_cset :scm,           'git'
set(:repository)      { "git@git.mycorp.net:#{app_name}.git" }
_cset :branch,        'master'
_cset :deploy_via,    'remote_cache'
set(:deploy_to)       { appdir }

# Git settings for Capistrano
default_run_options[:pty]     = true # needed for git password prompts
ssh_options[:forward_agent]   = true # use the keys for the person running the cap command to check out the app

end

These lines are lifted directly from the original deploy.rb, with one notable exception: many of the original @set@ calls have been replaced with _cset. _cset is a method used by the Capistrano's internal deploy.rb file, which we have put inside common.rb:

def _cset(name, *args, &block)
  unless exists?(name)
    set(name, *args, &block)
  end
end

What _cset allows you to do is provide overrideable defaults for any Capistrano option. This is a powerful thing because it allows us to set conventions in our gem. As any Rails developer would know, conventions save time and make it easier for multiple people to work with the same tools or on the same code.

For example, take the user option from above. We've set it to 'deployer' by default. Because we've done it using _cset, any deploy script using this gem can choose to either accept this default or provide its own custom user details.

Note that whenever _cset (or set, for that matter) is called with the a block, it is lazily evaluated. This is important to do if you are including another value provided by a set or _cset call (like :app_dir above that uses the application setting).

Finally, take note of the @abort@ call in the block for setting app_name. You can use abort in your gem whenever there are settings that must be defined by the individual deploy scripts.

Tasks & Callbacks

The Thinking Sphinx tasks and callbacks can go straight into the gem without any modification:

configuration = Capistrano::Configuration.respond_to?(:instance) ?
  Capistrano::Configuration.instance(:must_exist) :
  Capistrano.configuration(:must_exist)

configuration.load do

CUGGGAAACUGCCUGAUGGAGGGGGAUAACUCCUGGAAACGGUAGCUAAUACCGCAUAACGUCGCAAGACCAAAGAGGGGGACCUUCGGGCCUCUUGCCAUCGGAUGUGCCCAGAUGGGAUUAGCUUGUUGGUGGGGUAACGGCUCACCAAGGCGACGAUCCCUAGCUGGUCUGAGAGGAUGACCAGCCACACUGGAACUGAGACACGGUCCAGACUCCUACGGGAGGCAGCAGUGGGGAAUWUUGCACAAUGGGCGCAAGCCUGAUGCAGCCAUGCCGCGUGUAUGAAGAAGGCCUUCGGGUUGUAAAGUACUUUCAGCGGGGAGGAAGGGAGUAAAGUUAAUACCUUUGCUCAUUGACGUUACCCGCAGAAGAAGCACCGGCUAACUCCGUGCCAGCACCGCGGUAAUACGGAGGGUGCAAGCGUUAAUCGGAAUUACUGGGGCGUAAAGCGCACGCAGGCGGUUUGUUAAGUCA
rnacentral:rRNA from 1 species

_cset(:app_name) { abort "Please specify the short name of your application, set :app_name, 'foo'" }

before  'deploy:setup',       'sphinx:create_db_dir'
before  'deploy:setup',       'sphinx:generate_yaml'
after   'deploy:update_code', 'sphinx:symlink'

namespace :sphinx do
  desc 'Create a directory to store the sphinx indexes'
  task :create_db_dir, :roles => :app do
    run "mkdir -p #{shared_path}/sphinx"
  end

  desc 'Generate a config yaml in shared path'
  task :generate_yaml, :roles => :app do
    sphinx_yaml = <<-EOF
development: &main_settings
  config_file: #{shared_path}/config/sphinx.conf
  pid_file: #{shared_path}/pids/sphinx.pid
production:
  <<: *main_settings
EOF
    put sphinx_yaml, "#{shared_path}/config/sphinx.yml"
  end

  desc 'Symlink the sphinx yml and config files, and the db directory for storage of indexes'
  task :symlink, :roles => :app do
    run "ln -nfs #{shared_path}/sphinx             #{release_path}/db/sphinx"
    run "ln -nfs #{shared_path}/config/sphinx.yml  #{release_path}/config/sphinx.yml"
    run "ln -nfs #{shared_path}/config/sphinx.conf #{release_path}/config/sphinx.conf"
  end
end

end

In this example, I've included the callbacks as well as the tasks. Any deploy script that requires this file from the gem will have these sphinx tasks run automatically. This is useful to keep your deploy scripts concise and your deployment behaviour consistent, but it may not suit everyone. The alternative, to include only the tasks in the gem and require the callbacks to be in the deploy script, would make more sense if you're planning to offer your gem to a wide audience with varying deployment requirements.

Building the Gem

Building the gem is easy with Jeweler. First, create a Rakefile with something like the following:

begin
  require 'jeweler'
  Jeweler::Tasks.new do |gemspec|
    gemspec.name = "capistrano-mycorp"
    gemspec.summary = "MyCorp recipes for Capistrano"
    gemspec.description = "MyCorp recipes for Capistrano"
    gemspec.email = "tim@openmonkey.com"
    gemspec.homepage = "http://github.com/timriley/capistrano-mycorp"
    gemspec.authors = ["Tim Riley"]
  end
rescue LoadError
  puts "Jeweler not available. Install it with: gem install jeweler"
end

Then generate a version number:

echo "0.0.1" > VERSION

And now you can run rake gemspec and rake build to generate a .gem file that you can install on your system. Jeweler also provides easy ways to get your gem onto Gemcutter or Rubyforge, so take a look at its README for more information.

The Result

Now that your gem is installed, you can take to your deploy script with a machete:

set :app_name, 'myapp'

role :app,  '192.168.0.1'
role :web,  '192.168.0.1'
role :db,   '192.168.0.1', :primary => true

require 'capistrano/mycorp/base'
require 'capistrano/mycorp/thinking_sphinx'

That's it! The result is a beautifully concise script that contains just the information that is pertinent to the application. It is easy to write and easy to read.

Suggested Uses

Building a gem of Capistrano recipes would be useful for:

  • Internal teams wanting to standardise their deployment process and remove duplicate code from multiple deploy scripts.
  • Agencies or freelancers wanting to reduce the amount of overhead required to start new projects.
  • Individuals wanting to share their Capistrano tricks with the community.
  • Hosting companies wanting to give their users a set of tasks for easily deploying to their servers.

Find Out More

You can see all my example code in the timriley/capistrano-mycorp repository on GitHub.

I hope this comes in handy!